Nissan LEAF Was Automaker’s Best Selling Model in 2 US Markets in October

4 years ago by Eric Loveday 20

Nissan LEAF

Nissan LEAF

The Nissan LEAF was Norway’s best-selling passenger vehicle in October.

2013 Nissan LEAF

2013 Nissan LEAF

Meanwhile, in the US, the LEAF was tops too, but in a different sort of way.

The Nissan LEAF was Nissan’s best-selling model in the US markets of Atlanta, Georgia and Seattle, Washington in October.

In those 2 markets, the LEAF outsold the Altima, Maxima, Sentra, Versa, Versa Note, Cube and and so on.

Seattle has always been a leading LEAF markets.  As of late, Atlanta has been near the top of the LEAF sales charts, too.

Below you’ll find Nissan’s September graphic for “Top 10” LEAF markets.  Nissan has not released an updated October graphic.

LEAF Top 10 September

LEAF Top 10 September

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20 responses to "Nissan LEAF Was Automaker’s Best Selling Model in 2 US Markets in October"

  1. David Murray says:

    It could be the top selling car in every US market if people weren’t so ignorant.

    1. Anon says:

      Agreed.

      But they could sell even more EVs if they weren’t so ugly…. Here’s to hoping for a redesigned Leaf 2.0…

      1. John Hansen says:

        I’ve never understood some peoples’ vitriolic reaction to the Leaf’s appearance. If anything it looks completely normal. No better or worse than a Camry, or any other affordable family hauler. There is nothing that sticks out as being particularly ugly or beautiful. Maybe people are comparing it to the Model S, which is a truly handsome car?

        Fwiw, I own a Volt.

        1. Nate says:

          Yep. I’m not a big fan of the front end styling, but that is the case for many compact to mid sized cars these days.

        2. ModernMarvelFan says:

          It is NOT the prettiest duck on the road, but it is FAR from the uglist.

          I think LEAF is better looking than Prius.

    2. Rick says:

      Great way to talk people into adopting your viewpoint. Insult them.

    3. Spec9 says:

      Meh. A short-range econobox EV doesn’t work for everyone. But it certainly could be used by a lot more people.

    4. Nate says:

      Its ignorant to ignore that this car doesn’t work well in some markets. I like the car a lot, but it doesn’t make sense for everyone. There are locations that this car makes a ton of sense for a decent % of the population, and locations where it makes a lot less sense for people. In the northern Rockies and the northern Plains regions you have very different driving patterns. I think about friends and relatives in MT and eastern OR, that do little or no daily driving on the weekdays (because the towns and cities are small), but fairly often need to drive to another town more than 50 miles away. Plus, you have cold winters where the range would take a hit. Range is currently a legitimate issue for many people.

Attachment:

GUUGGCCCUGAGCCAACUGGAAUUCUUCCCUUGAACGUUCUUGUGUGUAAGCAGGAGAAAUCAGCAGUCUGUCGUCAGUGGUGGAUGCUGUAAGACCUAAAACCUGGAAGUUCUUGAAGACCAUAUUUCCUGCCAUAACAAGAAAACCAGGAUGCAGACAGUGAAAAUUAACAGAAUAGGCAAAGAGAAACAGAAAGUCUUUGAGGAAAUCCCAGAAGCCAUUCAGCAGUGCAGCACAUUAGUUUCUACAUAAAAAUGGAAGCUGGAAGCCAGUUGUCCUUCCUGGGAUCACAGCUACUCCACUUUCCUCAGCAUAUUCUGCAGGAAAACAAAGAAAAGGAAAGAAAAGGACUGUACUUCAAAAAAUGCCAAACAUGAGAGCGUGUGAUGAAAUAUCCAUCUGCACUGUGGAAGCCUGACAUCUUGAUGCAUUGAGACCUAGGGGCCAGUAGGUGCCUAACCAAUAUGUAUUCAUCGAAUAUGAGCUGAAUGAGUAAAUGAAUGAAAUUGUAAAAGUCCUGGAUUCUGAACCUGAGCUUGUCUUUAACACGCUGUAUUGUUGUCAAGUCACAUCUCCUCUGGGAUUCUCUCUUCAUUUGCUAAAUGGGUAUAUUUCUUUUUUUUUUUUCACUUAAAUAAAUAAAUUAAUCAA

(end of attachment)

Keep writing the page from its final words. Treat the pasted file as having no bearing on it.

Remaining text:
That said, I would agree that there are more markets the Leaf could do very well in. Portland has been a top 5 market despite having a smaller population than about 20 other U.S. cities, and having a relatively meager tax credit compared to some of the other top markets (none for the car, $750 toward a home charger). I thought Nissan’s marketing has been good in Portland even prior to the launch of the car, and is even stronger today. I’m interested in hearing from people in other medium-large size cities NOT on the top ten list, how is the marketing there?

      1. Ocean Railroader says:

        I know several people at work where as of now the existing Nissan Leaf with it’s 75 mile range would impractical for them in that they have to drive 40 to 60 miles one way to work and another 40 to 60 miles to work in the same day with no charging stations. Even me as a EV supporter I would recommend a plug in hybrid as of now for those people unless the leaf comes out with a 130 to 150 battery range.

        Even as if now I could most likely make one work for what I have now but I still think the extra 50 miles of range would be good in case there is a accident or something that blocks a local road and I have to drive really out of my way sometimes to go around it. In some cases a trip can be doubled do to this factor.

    5. Dr. Kenneth Noisewater says:

      It could be a top-selling car with 40kWh usable, 0-60 in the 7s, and an actively-temp-managed battery for around $40k..